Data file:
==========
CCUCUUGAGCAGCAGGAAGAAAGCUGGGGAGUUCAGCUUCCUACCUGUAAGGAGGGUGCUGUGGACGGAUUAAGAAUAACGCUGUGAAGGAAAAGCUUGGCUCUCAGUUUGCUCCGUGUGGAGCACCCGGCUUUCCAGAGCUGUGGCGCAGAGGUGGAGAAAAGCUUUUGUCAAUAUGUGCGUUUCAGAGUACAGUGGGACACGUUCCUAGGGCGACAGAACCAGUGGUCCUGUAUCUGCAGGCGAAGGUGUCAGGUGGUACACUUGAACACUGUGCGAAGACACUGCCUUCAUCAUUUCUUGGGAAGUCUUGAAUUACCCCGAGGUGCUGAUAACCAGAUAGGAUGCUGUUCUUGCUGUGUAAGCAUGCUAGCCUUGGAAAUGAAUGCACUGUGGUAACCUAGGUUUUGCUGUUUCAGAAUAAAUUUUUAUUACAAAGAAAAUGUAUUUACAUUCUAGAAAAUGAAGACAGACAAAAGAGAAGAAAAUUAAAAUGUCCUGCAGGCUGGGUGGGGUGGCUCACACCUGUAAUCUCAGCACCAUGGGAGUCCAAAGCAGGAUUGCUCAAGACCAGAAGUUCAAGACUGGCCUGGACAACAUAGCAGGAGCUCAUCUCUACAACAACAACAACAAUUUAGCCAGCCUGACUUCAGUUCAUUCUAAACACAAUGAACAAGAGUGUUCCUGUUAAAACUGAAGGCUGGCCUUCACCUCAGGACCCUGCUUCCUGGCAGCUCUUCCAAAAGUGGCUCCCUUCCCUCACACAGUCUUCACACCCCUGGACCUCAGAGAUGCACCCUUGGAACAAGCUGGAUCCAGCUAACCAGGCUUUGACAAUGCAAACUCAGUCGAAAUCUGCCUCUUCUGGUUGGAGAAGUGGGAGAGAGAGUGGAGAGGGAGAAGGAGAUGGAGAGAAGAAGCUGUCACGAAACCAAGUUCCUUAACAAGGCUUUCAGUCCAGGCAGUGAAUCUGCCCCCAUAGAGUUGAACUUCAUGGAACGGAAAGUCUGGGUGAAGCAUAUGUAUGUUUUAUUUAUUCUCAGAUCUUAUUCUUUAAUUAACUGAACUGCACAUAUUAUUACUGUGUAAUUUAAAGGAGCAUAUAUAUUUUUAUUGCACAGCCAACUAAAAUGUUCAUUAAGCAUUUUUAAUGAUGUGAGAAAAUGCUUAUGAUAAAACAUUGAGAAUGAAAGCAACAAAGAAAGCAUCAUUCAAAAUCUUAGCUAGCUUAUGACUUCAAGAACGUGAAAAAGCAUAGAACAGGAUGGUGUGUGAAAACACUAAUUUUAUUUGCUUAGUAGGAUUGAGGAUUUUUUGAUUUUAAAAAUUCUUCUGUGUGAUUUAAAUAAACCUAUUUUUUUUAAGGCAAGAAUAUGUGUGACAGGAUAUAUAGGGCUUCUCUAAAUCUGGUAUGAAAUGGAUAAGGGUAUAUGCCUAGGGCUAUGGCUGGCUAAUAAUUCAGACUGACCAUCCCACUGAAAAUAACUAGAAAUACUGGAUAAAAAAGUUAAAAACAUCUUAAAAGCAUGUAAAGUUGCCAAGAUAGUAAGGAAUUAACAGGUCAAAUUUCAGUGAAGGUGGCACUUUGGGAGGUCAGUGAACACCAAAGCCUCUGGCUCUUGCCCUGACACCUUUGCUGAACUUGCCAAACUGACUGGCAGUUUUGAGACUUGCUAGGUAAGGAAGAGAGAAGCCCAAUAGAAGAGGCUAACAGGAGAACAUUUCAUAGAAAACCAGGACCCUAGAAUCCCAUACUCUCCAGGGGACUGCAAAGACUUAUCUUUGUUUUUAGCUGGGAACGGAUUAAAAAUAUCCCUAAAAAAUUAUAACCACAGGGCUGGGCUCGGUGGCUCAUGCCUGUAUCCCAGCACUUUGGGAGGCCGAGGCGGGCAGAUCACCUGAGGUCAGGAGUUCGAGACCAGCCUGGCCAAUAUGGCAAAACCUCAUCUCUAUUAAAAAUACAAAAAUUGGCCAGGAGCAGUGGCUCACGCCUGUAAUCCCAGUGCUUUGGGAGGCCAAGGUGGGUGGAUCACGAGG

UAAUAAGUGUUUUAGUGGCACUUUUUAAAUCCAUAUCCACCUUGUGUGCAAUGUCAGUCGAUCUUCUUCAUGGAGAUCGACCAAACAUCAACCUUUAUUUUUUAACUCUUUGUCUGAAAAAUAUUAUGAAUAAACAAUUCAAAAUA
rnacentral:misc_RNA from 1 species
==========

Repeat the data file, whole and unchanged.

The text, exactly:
CCUCUUGAGCAGCAGGAAGAAAGCUGGGGAGUUCAGCUUCCUACCUGUAAGGAGGGUGCUGUGGACGGAUUAAGAAUAACGCUGUGAAGGAAAAGCUUGGCUCUCAGUUUGCUCCGUGUGGAGCACCCGGCUUUCCAGAGCUGUGGCGCAGAGGUGGAGAAAAGCUUUUGUCAAUAUGUGCGUUUCAGAGUACAGUGGGACACGUUCCUAGGGCGACAGAACCAGUGGUCCUGUAUCUGCAGGCGAAGGUGUCAGGUGGUACACUUGAACACUGUGCGAAGACACUGCCUUCAUCAUUUCUUGGGAAGUCUUGAAUUACCCCGAGGUGCUGAUAACCAGAUAGGAUGCUGUUCUUGCUGUGUAAGCAUGCUAGCCUUGGAAAUGAAUGCACUGUGGUAACCUAGGUUUUGCUGUUUCAGAAUAAAUUUUUAUUACAAAGAAAAUGUAUUUACAUUCUAGAAAAUGAAGACAGACAAAAGAGAAGAAAAUUAAAAUGUCCUGCAGGCUGGGUGGGGUGGCUCACACCUGUAAUCUCAGCACCAUGGGAGUCCAAAGCAGGAUUGCUCAAGACCAGAAGUUCAAGACUGGCCUGGACAACAUAGCAGGAGCUCAUCUCUACAACAACAACAACAAUUUAGCCAGCCUGACUUCAGUUCAUUCUAAACACAAUGAACAAGAGUGUUCCUGUUAAAACUGAAGGCUGGCCUUCACCUCAGGACCCUGCUUCCUGGCAGCUCUUCCAAAAGUGGCUCCCUUCCCUCACACAGUCUUCACACCCCUGGACCUCAGAGAUGCACCCUUGGAACAAGCUGGAUCCAGCUAACCAGGCUUUGACAAUGCAAACUCAGUCGAAAUCUGCCUCUUCUGGUUGGAGAAGUGGGAGAGAGAGUGGAGAGGGAGAAGGAGAUGGAGAGAAGAAGCUGUCACGAAACCAAGUUCCUUAACAAGGCUUUCAGUCCAGGCAGUGAAUCUGCCCCCAUAGAGUUGAACUUCAUGGAACGGAAAGUCUGGGUGAAGCAUAUGUAUGUUUUAUUUAUUCUCAGAUCUUAUUCUUUAAUUAACUGAACUGCACAUAUUAUUACUGUGUAAUUUAAAGGAGCAUAUAUAUUUUUAUUGCACAGCCAACUAAAAUGUUCAUUAAGCAUUUUUAAUGAUGUGAGAAAAUGCUUAUGAUAAAACAUUGAGAAUGAAAGCAACAAAGAAAGCAUCAUUCAAAAUCUUAGCUAGCUUAUGACUUCAAGAACGUGAAAAAGCAUAGAACAGGAUGGUGUGUGAAAACACUAAUUUUAUUUGCUUAGUAGGAUUGAGGAUUUUUUGAUUUUAAAAAUUCUUCUGUGUGAUUUAAAUAAACCUAUUUUUUUUAAGGCAAGAAUAUGUGUGACAGGAUAUAUAGGGCUUCUCUAAAUCUGGUAUGAAAUGGAUAAGGGUAUAUGCCUAGGGCUAUGGCUGGCUAAUAAUUCAGACUGACCAUCCCACUGAAAAUAACUAGAAAUACUGGAUAAAAAAGUUAAAAACAUCUUAAAAGCAUGUAAAGUUGCCAAGAUAGUAAGGAAUUAACAGGUCAAAUUUCAGUGAAGGUGGCACUUUGGGAGGUCAGUGAACACCAAAGCCUCUGGCUCUUGCCCUGACACCUUUGCUGAACUUGCCAAACUGACUGGCAGUUUUGAGACUUGCUAGGUAAGGAAGAGAGAAGCCCAAUAGAAGAGGCUAACAGGAGAACAUUUCAUAGAAAACCAGGACCCUAGAAUCCCAUACUCUCCAGGGGACUGCAAAGACUUAUCUUUGUUUUUAGCUGGGAACGGAUUAAAAAUAUCCCUAAAAAAUUAUAACCACAGGGCUGGGCUCGGUGGCUCAUGCCUGUAUCCCAGCACUUUGGGAGGCCGAGGCGGGCAGAUCACCUGAGGUCAGGAGUUCGAGACCAGCCUGGCCAAUAUGGCAAAACCUCAUCUCUAUUAAAAAUACAAAAAUUGGCCAGGAGCAGUGGCUCACGCCUGUAAUCCCAGUGCUUUGGGAGGCCAAGGUGGGUGGAUCACGAGG

UAAUAAGUGUUUUAGUGGCACUUUUUAAAUCCAUAUCCACCUUGUGUGCAAUGUCAGUCGAUCUUCUUCAUGGAGAUCGACCAAACAUCAACCUUUAUUUUUUAACUCUUUGUCUGAAAAAUAUUAUGAAUAAACAAUUCAAAAUA
rnacentral:misc_RNA from 1 species